Chapter Four: Super Soldiers
The Family You ChooseBy:
I own neither Stargate: SG1 nor BtVS.Spoilers:
Takes place post Season 7 for Buffy, and early Season 6 for Stargate: SG1, which makes it June of '03 for both. Author's Note:
My Stargate canon is neither fresh nor complete, so forgive any lapses I may make. The challenge caught my attention, and I went 'ooh, I could have some fun with that', even though SG1 isn't really one of my fandoms.
This chapter really, really didn't want to be written. And yet in wound up being so much fun *laugh* hope you guys like.
BTW, given as how people are weighing in fiercely on both sides of the 'should Buffy forge a relationship with the Carters' debate, it's pretty apparent that some people are, necessarily, gonna be disappointed by the end of this. I apologize in advance. Although I'm not actually willing to say what conclusion it will reach at this time.Challenge
BuffyCharmed's The Problem Child Challenge.Chapter Four
“So,” Jack’s voice broke the silence after several seconds of everyone staring at the door after it closed behind their guests. “That’s your little sister.”
Sam shook her head, the gesture one of confusion rather than negation. “I don’t understand.”
“Did I miss something?” Jacob asked uncertainly. “Because I have no
idea what’s going on.”
“Join the club,” Jack said with a hint of a grin. “I like her.”
“That’s because you’re the same mental age,” Sam snapped.
“What did she tell you?” Daniel interjected, tone thoughtful.
“She said she liked you better when she lied to you, and that she already told you.”
“She said she already did
,” Sam corrected. “As in, she’d already lied to us.”
“I don’t think so. Admittedly, the language was imprecise, but in the context, I believe that the ‘already did’ related to telling you what happened, not to lying to you. Plus, saying she likes you better when she lies to you implies that she has
told you the truth and got a negative reaction. So....” He smiled. “What was that truth?”
“I don’t—“ She shook her head, trying to clear it, and looked over at her father. “I can’t—can you think of anything?”
“I haven’t even spoken to her in seven years!”
He blinked, and it was Selmak who continued, “At which time she had been diagnosed with schizophreniform disorder because she said that she was gifted with superpowers to fight unnaturally strong creatures with yellow eyes.”
Sam gasped, but then shook her head. “No way. The description was not
consistent with Goa’uld. She said vampires
. With malformed faces and fangs.”
“Vampires? There are legends and stories of vampire-like beings from almost every culture—“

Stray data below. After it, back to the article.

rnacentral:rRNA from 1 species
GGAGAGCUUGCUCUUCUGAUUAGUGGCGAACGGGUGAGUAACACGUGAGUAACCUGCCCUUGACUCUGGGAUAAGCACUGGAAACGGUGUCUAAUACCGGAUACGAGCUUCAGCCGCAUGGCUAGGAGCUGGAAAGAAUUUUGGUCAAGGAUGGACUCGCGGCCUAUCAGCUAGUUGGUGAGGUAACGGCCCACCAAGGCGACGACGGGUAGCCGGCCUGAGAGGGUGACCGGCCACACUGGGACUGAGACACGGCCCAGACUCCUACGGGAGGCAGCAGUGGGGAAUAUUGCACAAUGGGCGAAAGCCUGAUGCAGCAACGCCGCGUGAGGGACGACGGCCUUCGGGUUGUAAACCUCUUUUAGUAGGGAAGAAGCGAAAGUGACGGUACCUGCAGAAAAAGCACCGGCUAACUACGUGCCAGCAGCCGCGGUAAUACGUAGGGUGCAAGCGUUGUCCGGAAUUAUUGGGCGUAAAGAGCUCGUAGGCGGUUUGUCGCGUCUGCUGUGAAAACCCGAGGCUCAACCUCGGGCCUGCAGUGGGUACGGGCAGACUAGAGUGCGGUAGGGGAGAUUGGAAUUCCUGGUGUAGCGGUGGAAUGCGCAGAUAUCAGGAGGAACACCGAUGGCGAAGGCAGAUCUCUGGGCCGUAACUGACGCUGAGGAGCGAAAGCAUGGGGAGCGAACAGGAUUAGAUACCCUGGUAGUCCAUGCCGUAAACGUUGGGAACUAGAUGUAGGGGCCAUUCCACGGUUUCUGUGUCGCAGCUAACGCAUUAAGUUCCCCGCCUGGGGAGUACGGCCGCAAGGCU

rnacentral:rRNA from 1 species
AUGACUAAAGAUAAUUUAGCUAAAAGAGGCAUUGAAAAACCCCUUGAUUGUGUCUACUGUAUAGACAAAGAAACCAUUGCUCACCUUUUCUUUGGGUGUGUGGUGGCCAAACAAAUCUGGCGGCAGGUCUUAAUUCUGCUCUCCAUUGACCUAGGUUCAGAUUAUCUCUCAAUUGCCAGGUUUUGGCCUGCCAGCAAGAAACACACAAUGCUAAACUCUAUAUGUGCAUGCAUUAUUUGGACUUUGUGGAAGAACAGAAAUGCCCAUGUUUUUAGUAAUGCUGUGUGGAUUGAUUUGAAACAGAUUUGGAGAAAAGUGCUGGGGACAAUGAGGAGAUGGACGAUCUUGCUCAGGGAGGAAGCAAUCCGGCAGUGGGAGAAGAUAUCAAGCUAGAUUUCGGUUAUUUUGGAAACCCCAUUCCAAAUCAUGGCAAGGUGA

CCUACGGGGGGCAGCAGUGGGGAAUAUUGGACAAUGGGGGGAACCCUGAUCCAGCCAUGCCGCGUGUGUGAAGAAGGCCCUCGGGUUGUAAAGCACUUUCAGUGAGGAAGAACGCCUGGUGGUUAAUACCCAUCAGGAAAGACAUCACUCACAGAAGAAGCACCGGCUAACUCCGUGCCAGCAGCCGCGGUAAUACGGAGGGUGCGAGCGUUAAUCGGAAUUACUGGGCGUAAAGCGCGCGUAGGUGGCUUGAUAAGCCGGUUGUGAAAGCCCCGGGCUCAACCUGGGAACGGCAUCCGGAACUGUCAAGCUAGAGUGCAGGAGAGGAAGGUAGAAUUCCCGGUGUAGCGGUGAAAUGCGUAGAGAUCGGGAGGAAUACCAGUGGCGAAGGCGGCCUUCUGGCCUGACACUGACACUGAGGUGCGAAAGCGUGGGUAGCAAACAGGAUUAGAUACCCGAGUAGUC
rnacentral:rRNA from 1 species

“Daniel. They weren’t vampires.”
He sighed. “No. But then, the ancient gods weren’t gods, either. That doesn’t mean they weren’t real.”
“You’re suggesting bloodsucking aliens beamed down and attacked Sam’s kid sister?”
“Well... Since we have nothing else to go on...”
“Do we not have the Initiative?”
Daniel blinked quickly, and Sam turned to Teal’c. “What?”
“Major Davis mentioned the Initiative one time, and Buffy Summers twice more. Might it not hold some further meaning?”
“I’m an idiot,” Sam announced, pulling out her laptop. Then she paused. “Am I allowed to look this up, sir?”
“Nobody said otherwise,” General Hammond stated. “We were only told not to look up information about Buffy Summers. Carry on, Major.”
Eagerly, she began typing. Soon, though, she was glaring at her screen in frustration. “There’s almost nothing there.
“How so, Major?”
“It’s blacked out,” she said absently, still typing, then paused to scroll through a screen partially filled with information. “I’m just getting bits and pieces.”
Daniel and Jack moved over to stand behind her, looking down at the screen, and Jack pointed. “Mission was to control the HST threat by bridling it or destroying it.”
“Which would be more helpful if we knew what the HST threat was,” Jacob pointed out as Sam continued scrolling.
Finishing that document, she sighed, typed, and said, “I’m looking to see anything that remains of the records. Chances are it’s mostly been wiped, but there might be something.”
“Patrols of some kind,” Jack said after a couple minutes. “The patterns of people coming in and out suggest some sort of regular patrol. The logistics seem off for the number of people who seem to be on the base. I’d say it’s based within a town or city, personnel getting a fair number of their meals off base.”
She nodded, skimming over the page, taking in the bare amount that was text and skipping over the solid black lines marking information above her clearance. “A lot of nutritional supplements, though,” she said. “Details of what they’re made up of are blacked out, but it seems like too much for standard vitamins, especially if they’re in a situation where they’re off-base a lot.”
“Wait,” Daniel said sharply. “Go back about five screens.”
She did, looking for some sign of what had caught his attention, but it seemed to just be physical fitness records, the individual identifications blacked out.
“What is it, Daniel?” Jack asked. “Looks standard to me. Good shape, I’d call them equivalent to special ops at their peak, but not beyond.”
“There have been these blocks of records at regular intervals throughout this page,” he said. “They seemed to be improving remarkably rapidly, but not beyond the realm of possibility. But the next set of results is blacked out.”